“The greatest lesson that I feel can be learnt by this generation is that we have to rethink life better for our youths. They have to take the mantle of rethinking life for themselves. I will be 60 in a few years and I am going to be dedicating the greater part of whatever God gives me to ensure that there is a paradigm shift in the life of the African youths, especially Nigerian youth.  It would help them develop earlier and find a good life early. Once I turn 60, I will do that. Right now, I am still working with many other generations but once I hit 60, there is no point working for the older generation. I will work for the generation to come because as I am speaking right now, the generation before us has borrowed the money of four generations ahead. It is not only that, they borrowed their future, their destiny, and inheritance. So, my own generation now is even borrowing into the future of the next generation and nobody is thinking.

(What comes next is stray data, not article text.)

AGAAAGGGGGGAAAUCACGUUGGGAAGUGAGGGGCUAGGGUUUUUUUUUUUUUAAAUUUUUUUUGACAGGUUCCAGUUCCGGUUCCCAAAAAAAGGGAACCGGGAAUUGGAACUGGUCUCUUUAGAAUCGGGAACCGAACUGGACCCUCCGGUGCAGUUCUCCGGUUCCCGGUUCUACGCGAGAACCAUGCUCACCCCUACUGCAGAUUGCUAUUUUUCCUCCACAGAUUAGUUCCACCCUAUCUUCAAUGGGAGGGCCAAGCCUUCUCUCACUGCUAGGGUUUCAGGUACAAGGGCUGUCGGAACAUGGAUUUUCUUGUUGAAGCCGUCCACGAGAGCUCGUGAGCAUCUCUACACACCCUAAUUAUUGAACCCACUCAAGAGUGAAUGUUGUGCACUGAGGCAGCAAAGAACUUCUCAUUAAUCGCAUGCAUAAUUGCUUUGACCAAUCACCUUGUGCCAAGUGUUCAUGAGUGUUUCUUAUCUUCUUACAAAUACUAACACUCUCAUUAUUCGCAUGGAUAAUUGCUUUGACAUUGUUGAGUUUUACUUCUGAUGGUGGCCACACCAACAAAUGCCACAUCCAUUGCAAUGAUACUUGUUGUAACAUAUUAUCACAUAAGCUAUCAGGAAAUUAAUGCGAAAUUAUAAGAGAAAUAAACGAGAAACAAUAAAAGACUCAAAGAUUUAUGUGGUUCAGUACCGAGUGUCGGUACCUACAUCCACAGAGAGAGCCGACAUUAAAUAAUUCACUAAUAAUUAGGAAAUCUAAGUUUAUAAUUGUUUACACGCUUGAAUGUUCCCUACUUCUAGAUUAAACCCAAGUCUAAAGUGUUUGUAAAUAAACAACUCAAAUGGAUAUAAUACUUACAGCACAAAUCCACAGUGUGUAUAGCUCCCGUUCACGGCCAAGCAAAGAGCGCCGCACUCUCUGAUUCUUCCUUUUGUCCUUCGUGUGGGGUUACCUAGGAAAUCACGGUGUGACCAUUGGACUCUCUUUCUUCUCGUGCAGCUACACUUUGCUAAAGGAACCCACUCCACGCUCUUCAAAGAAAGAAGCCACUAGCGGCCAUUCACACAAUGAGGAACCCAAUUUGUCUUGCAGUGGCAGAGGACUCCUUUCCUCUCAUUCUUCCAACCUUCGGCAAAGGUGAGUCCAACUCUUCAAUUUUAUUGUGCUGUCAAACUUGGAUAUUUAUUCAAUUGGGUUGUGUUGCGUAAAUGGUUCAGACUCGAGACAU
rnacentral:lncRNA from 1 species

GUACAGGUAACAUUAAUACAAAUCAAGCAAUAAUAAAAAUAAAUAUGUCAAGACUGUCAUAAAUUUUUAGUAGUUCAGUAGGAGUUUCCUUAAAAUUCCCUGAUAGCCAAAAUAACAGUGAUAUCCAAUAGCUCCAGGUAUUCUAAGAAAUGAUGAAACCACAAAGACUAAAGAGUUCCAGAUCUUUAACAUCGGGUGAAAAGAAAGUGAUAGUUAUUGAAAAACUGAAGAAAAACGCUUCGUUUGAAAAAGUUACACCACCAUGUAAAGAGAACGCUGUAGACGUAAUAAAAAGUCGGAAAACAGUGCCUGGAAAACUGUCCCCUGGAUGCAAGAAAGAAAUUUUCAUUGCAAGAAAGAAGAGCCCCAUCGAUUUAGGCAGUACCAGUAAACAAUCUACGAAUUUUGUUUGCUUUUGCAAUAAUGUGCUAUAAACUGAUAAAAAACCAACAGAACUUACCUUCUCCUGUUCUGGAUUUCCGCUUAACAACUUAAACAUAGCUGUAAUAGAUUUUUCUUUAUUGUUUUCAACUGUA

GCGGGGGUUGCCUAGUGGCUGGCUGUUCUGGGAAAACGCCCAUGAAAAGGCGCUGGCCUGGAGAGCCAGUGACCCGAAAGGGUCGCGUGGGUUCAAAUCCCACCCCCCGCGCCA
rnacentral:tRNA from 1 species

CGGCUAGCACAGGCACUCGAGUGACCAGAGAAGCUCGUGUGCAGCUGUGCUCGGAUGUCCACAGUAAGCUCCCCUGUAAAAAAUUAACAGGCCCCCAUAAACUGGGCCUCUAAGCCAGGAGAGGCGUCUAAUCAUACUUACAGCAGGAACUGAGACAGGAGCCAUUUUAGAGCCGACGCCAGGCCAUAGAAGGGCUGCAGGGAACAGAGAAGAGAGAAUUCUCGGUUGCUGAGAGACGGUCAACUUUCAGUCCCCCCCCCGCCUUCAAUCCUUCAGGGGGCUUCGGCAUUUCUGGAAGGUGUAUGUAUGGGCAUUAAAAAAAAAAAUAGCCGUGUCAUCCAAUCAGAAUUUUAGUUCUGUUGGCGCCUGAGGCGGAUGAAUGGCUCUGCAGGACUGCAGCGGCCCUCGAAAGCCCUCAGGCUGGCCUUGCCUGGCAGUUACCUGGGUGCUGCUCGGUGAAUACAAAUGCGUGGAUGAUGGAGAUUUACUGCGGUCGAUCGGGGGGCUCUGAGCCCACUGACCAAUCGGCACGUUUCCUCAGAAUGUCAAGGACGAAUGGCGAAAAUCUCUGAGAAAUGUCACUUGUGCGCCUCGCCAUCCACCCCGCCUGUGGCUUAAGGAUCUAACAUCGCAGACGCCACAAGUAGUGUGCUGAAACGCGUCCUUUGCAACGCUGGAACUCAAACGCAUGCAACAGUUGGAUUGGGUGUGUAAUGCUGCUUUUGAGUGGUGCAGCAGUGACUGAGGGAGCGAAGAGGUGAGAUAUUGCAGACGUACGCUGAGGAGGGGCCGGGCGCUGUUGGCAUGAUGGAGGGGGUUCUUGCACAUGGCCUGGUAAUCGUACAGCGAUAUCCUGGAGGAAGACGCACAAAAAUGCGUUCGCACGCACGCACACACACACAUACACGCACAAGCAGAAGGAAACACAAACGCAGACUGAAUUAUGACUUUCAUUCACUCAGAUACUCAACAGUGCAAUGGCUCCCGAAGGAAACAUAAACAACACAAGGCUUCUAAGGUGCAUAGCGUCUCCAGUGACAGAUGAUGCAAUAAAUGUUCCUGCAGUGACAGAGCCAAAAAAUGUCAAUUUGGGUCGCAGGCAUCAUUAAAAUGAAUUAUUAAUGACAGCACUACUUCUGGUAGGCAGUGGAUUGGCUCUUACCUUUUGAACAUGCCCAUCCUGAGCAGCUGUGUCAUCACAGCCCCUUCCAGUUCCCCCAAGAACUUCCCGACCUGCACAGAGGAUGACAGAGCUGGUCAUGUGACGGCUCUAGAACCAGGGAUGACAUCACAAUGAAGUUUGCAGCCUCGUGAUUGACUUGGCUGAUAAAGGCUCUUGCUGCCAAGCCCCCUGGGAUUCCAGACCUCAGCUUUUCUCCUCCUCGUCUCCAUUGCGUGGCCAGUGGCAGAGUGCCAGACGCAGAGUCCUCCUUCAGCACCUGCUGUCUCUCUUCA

On rail track

“What we have now is like a train track which is not leading anywhere. It is a track that they started laying for us in the early 1960s. I was born a year after independence. Except we get certain set of people to assist the youths in order to make them rise above their present status, they will find out that their tomorrow has already been borrowed. Unknown to us, that era of martial music brutalized the nation’s psyche. That was a period first class professionals were graduating while soldiers who were never trained were in leadership positions without giving us direction.

Greatest lessons learnt as an architect, minister, businessman

It helped that I was at Zaria because I made friends with cultures that were not my own and I discovered that behind every culture there are people. And it is the cultures that mould people in different directions. We all arrived as babies with a blank check. The greatest lessons I have learnt as an Architect, minister while doing business in my younger days is that someone’s best future is not a function of his experience. An individual can learn from his experience but must never be limited by experience.